Hypemasters insiders: Anton Shilin, Server Developer
When it comes to professional development, choosing the right company to work for is an important factor. The size of the company matters: working in a small team is different to navigating a large organisation.
This week, Hypemasters insiders is about Anton Shilin, our server developer, who has seen Hypemasters grow from 6 employees to 30+ employees. Anton shares his experience of working at Hypemasters over time, with the company growing and the world situation changing.
Q:How has Hypemasters changed since 2019?
A: Hypemasters has changed a lot. When I joined, the six of us were huddled in a back room, working on a small idle game. At that time, we were just beginning to understand that we wanted to create ambitious and unique games such as World War Armies.
Now we have a distributed team of over 30 diverse professionals who work remotely and flexibly . I am definitely satisfied with how the company has evolved and continues to evolve, while maintaining the same values we laid down at the start.
As the studio grows, so does the number of interactions. I now spend more time talking to the team,, planning, estimating the time to complete new tasks, and monitoring metrics. I have less time than before to write code and complete my own tasks.
Q:Most valuable feedback for your work?
A: This was one of my favourite product reviews: someone left a comment on our social media page saying, “God, a strategy game on a mobile phone :(”. And then 15 minutes later they wrote, ‘Well, it’s worth playing actually”.
With regards to my work, collecting feedback is not easy, because my work is not usually apparent. It affects the server side of the project, which players usually do not feel in any way. No one pays attention to the continuous communication between the game application and the server. Although behind the scenes, there are multiplayer components, protection from cheaters, the safety of the user’s game progress, and much more.
However, I realised that non-verbal feedback is actually the real feedback: the comfort of the team and the reliability of the services that I build and maintain. That’s one of the reasons why I like my job so much.
For example, my area of responsibility includes maintaining the performance of automatic builds of the application. Starting a new working day, I get access to build the latest changes for the game. For the convenience of testing or viewing new art, everyone has the opportunity to launch a build of the game version with the necessary changes, which will automatically become available to anyone in the company.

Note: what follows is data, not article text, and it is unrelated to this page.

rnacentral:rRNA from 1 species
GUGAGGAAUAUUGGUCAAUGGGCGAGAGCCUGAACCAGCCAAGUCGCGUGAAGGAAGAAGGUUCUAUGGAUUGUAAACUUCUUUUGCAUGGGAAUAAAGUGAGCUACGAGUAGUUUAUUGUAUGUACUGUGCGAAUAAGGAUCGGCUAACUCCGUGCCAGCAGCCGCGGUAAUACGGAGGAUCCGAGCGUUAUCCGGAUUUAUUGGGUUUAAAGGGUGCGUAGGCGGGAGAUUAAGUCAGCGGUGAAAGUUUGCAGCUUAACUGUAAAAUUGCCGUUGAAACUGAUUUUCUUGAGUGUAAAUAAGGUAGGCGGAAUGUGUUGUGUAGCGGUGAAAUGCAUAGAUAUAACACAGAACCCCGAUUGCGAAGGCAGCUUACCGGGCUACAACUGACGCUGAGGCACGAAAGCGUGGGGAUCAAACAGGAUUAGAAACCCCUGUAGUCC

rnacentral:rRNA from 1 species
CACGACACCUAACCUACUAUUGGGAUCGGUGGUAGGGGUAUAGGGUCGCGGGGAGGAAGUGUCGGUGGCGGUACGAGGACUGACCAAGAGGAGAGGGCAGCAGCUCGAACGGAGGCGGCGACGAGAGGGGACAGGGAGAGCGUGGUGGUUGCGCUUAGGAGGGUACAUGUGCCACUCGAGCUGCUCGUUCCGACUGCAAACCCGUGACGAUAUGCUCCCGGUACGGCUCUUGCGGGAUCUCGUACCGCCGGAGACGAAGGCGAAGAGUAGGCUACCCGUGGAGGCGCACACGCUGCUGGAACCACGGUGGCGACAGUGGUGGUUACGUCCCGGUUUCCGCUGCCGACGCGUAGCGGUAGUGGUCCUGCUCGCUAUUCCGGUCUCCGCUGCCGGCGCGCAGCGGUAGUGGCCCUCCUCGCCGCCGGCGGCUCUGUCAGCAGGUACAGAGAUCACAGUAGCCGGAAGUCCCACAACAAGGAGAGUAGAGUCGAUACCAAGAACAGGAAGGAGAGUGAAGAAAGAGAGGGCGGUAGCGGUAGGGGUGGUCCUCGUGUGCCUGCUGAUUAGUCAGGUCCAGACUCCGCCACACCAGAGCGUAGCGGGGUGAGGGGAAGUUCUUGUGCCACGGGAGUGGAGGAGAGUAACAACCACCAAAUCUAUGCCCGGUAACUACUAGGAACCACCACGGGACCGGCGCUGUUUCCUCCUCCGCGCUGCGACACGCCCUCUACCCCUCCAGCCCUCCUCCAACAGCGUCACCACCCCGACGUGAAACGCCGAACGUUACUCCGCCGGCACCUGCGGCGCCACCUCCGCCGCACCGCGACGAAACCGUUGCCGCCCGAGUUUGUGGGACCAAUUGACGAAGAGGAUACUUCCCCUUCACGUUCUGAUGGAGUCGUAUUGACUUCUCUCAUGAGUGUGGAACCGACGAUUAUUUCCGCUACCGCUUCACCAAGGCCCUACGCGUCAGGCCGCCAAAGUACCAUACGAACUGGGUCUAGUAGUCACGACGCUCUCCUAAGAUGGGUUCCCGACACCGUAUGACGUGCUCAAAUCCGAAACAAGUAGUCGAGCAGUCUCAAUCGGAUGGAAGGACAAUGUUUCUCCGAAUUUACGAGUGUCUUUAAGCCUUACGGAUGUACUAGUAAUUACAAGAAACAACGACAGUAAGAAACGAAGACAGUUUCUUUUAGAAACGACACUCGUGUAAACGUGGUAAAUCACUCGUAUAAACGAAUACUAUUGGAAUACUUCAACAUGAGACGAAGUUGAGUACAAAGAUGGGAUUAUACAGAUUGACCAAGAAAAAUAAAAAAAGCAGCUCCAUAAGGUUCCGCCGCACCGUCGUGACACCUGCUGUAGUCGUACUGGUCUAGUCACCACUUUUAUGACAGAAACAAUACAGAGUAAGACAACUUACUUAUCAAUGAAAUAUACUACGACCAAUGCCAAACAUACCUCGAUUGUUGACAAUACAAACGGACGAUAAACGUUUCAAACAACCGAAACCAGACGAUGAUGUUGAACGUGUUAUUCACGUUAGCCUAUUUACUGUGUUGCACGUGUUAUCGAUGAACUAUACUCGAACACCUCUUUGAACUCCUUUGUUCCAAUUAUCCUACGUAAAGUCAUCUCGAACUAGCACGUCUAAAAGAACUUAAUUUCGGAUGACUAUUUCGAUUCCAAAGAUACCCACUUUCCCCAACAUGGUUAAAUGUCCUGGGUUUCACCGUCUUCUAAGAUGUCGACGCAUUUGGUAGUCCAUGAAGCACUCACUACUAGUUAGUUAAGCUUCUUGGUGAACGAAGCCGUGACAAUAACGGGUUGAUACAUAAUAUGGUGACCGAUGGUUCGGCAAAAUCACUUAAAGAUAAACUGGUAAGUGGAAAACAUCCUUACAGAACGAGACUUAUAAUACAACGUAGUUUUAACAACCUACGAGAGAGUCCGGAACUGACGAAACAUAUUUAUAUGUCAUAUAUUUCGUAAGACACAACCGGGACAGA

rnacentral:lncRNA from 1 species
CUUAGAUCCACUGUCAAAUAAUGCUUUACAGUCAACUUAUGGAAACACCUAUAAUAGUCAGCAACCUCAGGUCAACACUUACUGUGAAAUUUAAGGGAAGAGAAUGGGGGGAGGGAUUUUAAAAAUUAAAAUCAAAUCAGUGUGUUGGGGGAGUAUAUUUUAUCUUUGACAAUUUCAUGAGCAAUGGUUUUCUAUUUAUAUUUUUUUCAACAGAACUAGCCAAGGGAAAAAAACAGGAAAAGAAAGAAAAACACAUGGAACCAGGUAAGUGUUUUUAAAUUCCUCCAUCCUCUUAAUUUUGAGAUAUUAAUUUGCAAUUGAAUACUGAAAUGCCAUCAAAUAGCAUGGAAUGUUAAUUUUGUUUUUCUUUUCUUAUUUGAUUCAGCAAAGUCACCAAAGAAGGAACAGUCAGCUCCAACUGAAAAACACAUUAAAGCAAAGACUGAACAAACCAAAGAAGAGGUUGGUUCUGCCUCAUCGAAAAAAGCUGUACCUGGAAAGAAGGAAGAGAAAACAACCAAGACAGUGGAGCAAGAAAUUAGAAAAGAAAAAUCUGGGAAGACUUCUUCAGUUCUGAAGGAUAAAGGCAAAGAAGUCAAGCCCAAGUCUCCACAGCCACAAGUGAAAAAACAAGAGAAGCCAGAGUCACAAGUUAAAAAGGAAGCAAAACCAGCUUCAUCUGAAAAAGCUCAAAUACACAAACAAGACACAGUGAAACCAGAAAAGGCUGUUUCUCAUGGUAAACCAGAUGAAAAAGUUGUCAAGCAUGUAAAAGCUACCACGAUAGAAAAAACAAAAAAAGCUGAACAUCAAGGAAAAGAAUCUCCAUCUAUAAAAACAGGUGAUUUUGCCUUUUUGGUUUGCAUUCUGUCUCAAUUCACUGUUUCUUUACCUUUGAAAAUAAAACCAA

Another example: automatic creation of a complete environment for a separate development branch. This is a handy tool for situations where work on a new feature or game balance needs to be isolated so as not to interfere with the work of the rest of the team. It may not sound very clear, but this thing saves a lot of time in the process of working on the game :)
Q:What is it like to work with a small team?
A: Comfortable. Really comfortable. There is no bureaucracy that puts sticks in the wheels, everything is open and independent, we are all equal.
It’s cool to see when someone is carried away by a task they like, and how new commits appear in the repository at 1 am. I occasionally do this myself. However, a couple of times this was happening in anticipation of releases :D
Q:With all the instability in the world, how do you feel about your job?
A: When the pandemic began, we almost immediately went remote. It took some time to get used to the new mode of work. It was hard to establish the line between work and life in such a period when it was scary to leave the house. But in the end I liked it. With time, I definitely saw more advantages than disadvantages for myself, so I decided not to return to the (by that time already new and equipped) office.
When the war started, I didn’t panic much. I tried to weigh and calculate my decisions. Therefore, although I was ready to move to Turkey, having tickets in my hands and a Corgi packed for the flight, I decided to stay and relocate after some time. At work, we tried to keep a cool head. There is no point in transferring any panic into your work.
Q: How do you see Hypemasters in the next 3 years?
A: If things go well for us, then I see an international studio doing 2–3 unique projects with more teams. I am impressed by the example of Valve with the ability to easily switch between projects, do what you like best and what you see in the future.
Of course, it would be great to periodically meet the whole team at one place (not only in Google Meets), so that we do not forget that we remain one big friendly company.
Q: What’s next for you?
A: I want World War Armies to become a hit! This will bring new challenges, difficulties and interesting tasks. No developer likes to stagnate and sit with monotonous tasks overlaid, performing them year after year.
After that, I would like to start a new project on a new tech stack, to try myself in new technologies.
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